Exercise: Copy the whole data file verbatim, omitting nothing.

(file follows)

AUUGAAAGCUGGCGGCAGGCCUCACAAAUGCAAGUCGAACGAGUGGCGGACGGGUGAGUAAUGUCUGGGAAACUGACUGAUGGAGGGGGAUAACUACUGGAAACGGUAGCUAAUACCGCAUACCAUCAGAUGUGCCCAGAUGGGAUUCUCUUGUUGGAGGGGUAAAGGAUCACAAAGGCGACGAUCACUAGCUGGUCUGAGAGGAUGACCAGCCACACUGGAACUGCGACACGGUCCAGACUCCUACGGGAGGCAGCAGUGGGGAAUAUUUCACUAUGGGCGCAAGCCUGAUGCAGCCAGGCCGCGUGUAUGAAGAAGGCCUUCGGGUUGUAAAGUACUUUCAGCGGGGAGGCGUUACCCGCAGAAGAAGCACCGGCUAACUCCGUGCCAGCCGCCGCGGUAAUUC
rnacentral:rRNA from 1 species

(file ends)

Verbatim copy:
AUUGAAAGCUGGCGGCAGGCCUCACAAAUGCAAGUCGAACGAGUGGCGGACGGGUGAGUAAUGUCUGGGAAACUGACUGAUGGAGGGGGAUAACUACUGGAAACGGUAGCUAAUACCGCAUACCAUCAGAUGUGCCCAGAUGGGAUUCUCUUGUUGGAGGGGUAAAGGAUCACAAAGGCGACGAUCACUAGCUGGUCUGAGAGGAUGACCAGCCACACUGGAACUGCGACACGGUCCAGACUCCUACGGGAGGCAGCAGUGGGGAAUAUUUCACUAUGGGCGCAAGCCUGAUGCAGCCAGGCCGCGUGUAUGAAGAAGGCCUUCGGGUUGUAAAGUACUUUCAGCGGGGAGGCGUUACCCGCAGAAGAAGCACCGGCUAACUCCGUGCCAGCCGCCGCGGUAAUUC
rnacentral:rRNA from 1 species